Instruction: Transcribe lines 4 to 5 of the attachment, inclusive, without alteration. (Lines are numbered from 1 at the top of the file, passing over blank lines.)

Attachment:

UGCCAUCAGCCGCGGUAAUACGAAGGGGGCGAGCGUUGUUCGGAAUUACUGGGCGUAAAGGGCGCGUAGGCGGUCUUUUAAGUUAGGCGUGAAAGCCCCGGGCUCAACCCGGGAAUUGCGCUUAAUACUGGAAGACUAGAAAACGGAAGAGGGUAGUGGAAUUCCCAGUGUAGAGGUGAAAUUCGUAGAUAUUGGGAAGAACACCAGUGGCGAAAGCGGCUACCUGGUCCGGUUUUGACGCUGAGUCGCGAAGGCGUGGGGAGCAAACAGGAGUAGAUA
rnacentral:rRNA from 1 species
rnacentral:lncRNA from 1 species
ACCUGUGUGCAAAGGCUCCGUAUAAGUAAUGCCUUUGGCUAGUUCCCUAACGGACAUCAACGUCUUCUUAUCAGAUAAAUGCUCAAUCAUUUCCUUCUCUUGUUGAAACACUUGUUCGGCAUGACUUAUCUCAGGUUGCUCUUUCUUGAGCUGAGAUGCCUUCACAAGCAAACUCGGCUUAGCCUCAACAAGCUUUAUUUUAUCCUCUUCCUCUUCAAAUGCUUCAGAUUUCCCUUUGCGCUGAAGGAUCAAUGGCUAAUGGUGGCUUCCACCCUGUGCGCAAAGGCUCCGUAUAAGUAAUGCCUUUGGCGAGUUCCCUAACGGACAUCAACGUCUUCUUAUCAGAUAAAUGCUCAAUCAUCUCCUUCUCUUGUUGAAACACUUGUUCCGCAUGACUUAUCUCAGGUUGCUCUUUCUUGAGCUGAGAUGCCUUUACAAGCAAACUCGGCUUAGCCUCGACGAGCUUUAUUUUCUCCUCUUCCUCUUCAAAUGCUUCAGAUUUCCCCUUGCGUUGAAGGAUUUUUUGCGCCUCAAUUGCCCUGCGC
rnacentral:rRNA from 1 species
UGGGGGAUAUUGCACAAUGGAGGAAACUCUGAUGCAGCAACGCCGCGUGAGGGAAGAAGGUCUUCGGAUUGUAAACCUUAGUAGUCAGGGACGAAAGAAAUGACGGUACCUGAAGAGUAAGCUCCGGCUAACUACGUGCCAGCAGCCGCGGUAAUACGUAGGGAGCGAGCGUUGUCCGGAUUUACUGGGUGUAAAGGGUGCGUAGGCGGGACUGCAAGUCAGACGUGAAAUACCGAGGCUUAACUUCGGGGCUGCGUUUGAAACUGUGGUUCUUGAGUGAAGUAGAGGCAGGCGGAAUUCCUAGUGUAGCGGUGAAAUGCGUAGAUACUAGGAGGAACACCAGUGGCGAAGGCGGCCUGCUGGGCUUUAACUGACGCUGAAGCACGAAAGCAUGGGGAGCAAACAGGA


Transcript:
ACCUGUGUGCAAAGGCUCCGUAUAAGUAAUGCCUUUGGCUAGUUCCCUAACGGACAUCAACGUCUUCUUAUCAGAUAAAUGCUCAAUCAUUUCCUUCUCUUGUUGAAACACUUGUUCGGCAUGACUUAUCUCAGGUUGCUCUUUCUUGAGCUGAGAUGCCUUCACAAGCAAACUCGGCUUAGCCUCAACAAGCUUUAUUUUAUCCUCUUCCUCUUCAAAUGCUUCAGAUUUCCCUUUGCGCUGAAGGAUCAAUGGCUAAUGGUGGCUUCCACCCUGUGCGCAAAGGCUCCGUAUAAGUAAUGCCUUUGGCGAGUUCCCUAACGGACAUCAACGUCUUCUUAUCAGAUAAAUGCUCAAUCAUCUCCUUCUCUUGUUGAAACACUUGUUCCGCAUGACUUAUCUCAGGUUGCUCUUUCUUGAGCUGAGAUGCCUUUACAAGCAAACUCGGCUUAGCCUCGACGAGCUUUAUUUUCUCCUCUUCCUCUUCAAAUGCUUCAGAUUUCCCCUUGCGUUGAAGGAUUUUUUGCGCCUCAAUUGCCCUGCGC
rnacentral:rRNA from 1 species